The first step is to file a divorce complaint. For a no-fault divorce, the plaintiff should file under sections 3301(c) and 3301(d) of the Divorce Code. Section 3301(c) is mutual consent no-fault divorce, which means both parties agree to the divorce. Section 3301(d) can be used to obtain a no-fault divorce when opposing party does not consent. If you are requesting alimony, attorney’s fees, or to divide marital property (equitable distribution); you will need to file additional counts in the divorce complaint. Whether or not you should add any ancillary claims depends on your individual circumstance.
After the plaintiff files the divorce complaint with the county Prothonotary Office, the plaintiff must serve the opposing party. If the opposing party lives in Pennsylvania, service must be completed within 30 days. After proper service is made, the plaintiff is required to file an affidavit of service within 10 days of service. There are different ways to properly serve a divorce complaint; however, first class mail is not one of them.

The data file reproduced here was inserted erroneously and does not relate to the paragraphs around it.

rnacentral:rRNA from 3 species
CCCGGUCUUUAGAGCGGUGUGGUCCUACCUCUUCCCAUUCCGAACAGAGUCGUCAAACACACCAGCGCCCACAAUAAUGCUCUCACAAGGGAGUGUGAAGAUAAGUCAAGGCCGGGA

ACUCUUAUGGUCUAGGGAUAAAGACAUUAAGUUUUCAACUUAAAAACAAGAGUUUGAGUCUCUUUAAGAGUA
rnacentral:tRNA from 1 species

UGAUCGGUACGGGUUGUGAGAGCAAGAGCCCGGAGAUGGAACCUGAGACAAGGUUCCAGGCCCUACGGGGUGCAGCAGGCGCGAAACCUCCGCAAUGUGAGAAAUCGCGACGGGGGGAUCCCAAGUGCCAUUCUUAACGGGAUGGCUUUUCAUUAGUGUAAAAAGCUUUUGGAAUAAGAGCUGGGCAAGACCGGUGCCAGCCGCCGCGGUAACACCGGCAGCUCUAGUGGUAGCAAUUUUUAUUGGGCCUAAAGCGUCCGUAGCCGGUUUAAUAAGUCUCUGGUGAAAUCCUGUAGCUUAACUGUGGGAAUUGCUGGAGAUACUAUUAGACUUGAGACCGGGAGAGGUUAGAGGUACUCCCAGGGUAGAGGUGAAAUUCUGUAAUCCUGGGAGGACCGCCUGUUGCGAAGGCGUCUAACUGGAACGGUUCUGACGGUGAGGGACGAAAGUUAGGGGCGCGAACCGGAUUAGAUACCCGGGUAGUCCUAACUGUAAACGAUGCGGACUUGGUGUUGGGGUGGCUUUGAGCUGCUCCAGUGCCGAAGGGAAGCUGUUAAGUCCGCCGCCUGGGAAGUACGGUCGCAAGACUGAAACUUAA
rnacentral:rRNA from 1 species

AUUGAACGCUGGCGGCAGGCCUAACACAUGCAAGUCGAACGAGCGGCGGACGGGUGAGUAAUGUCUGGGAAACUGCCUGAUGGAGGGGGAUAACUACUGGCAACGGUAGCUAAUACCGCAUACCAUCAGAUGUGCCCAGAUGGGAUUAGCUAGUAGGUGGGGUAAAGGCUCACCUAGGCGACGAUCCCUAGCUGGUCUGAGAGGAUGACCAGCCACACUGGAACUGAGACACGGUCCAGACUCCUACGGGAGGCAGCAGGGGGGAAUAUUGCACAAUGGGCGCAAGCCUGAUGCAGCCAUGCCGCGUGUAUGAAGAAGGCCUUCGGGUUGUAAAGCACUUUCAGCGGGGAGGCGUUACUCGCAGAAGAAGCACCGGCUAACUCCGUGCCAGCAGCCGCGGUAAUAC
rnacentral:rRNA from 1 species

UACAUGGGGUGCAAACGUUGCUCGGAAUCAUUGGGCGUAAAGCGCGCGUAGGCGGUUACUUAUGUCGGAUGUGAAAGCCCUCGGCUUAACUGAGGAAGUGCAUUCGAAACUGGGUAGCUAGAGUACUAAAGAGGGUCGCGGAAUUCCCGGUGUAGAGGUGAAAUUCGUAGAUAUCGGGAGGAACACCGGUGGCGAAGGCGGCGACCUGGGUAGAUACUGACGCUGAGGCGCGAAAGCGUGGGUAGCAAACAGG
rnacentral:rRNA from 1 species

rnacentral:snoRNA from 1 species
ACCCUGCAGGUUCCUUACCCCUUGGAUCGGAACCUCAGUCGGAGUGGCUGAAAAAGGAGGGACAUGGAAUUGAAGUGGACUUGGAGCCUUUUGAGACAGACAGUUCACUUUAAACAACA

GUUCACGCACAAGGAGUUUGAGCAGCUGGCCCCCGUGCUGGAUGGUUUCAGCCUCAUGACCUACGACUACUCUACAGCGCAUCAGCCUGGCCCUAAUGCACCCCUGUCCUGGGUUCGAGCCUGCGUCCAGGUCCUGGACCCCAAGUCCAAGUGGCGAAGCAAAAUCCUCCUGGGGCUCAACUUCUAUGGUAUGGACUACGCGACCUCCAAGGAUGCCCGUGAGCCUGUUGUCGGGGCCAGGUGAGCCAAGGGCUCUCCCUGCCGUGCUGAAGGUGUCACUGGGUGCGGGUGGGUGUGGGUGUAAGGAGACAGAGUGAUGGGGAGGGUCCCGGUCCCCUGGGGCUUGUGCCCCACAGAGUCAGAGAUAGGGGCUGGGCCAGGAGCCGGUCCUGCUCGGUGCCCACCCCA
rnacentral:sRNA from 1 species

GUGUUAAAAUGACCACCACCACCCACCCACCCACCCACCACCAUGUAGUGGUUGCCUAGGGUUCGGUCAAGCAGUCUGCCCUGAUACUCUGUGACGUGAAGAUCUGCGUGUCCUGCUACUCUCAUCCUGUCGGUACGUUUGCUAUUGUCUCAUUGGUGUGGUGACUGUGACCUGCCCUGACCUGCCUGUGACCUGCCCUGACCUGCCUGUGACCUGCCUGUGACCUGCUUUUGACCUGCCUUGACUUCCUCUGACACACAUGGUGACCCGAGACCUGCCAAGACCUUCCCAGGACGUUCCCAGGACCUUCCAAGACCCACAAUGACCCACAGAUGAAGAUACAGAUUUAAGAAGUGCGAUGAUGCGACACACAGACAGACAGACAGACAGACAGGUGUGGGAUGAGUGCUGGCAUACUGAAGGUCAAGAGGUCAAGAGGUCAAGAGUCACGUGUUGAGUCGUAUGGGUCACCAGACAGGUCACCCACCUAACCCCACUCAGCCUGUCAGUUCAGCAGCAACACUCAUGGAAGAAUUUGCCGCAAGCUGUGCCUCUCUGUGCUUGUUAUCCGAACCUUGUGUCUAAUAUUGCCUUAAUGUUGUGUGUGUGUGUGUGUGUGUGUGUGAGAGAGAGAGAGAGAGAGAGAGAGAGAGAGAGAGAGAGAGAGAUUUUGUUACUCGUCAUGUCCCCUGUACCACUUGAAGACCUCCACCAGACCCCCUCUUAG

After service, both parties must wait 90 days. After 90 days, both parties can sign the required forms consenting to the divorce. Each party must sign the affidavit of consent and waiver of notice of intention to request entry of a divorce decree. The affidavit of consent is agreeing that the marriage is irretrievably broken, 90 days have passed since service of the divorce complaint, and that the parties do consent to the entry of a final decree of divorce. The waiver of notice is consenting to the divorce decree being entered without any further notice, and that there are no outstanding claims for alimony, equitable distribution, or other potential ancillary claims. Both documents need to be filed with the Court. If opposing party refuses to sign the documents, there are outstanding claims, or a counter claims is filed, then you will have to proceed differently.
Finally, you file the praecipe to transmit the record. This is a document requesting the Prothonotary’s Office to forward the documents to the Judge for review. Most counties will require a divorce information sheet as well. The content and requirements of a divorce information sheet will vary from county to county. The Judge will review the file and sign the divorce decree if everything was properly served and filed.
No two divorce cases are the same. It is always best to consult with an attorney to discuss what is best for your situation.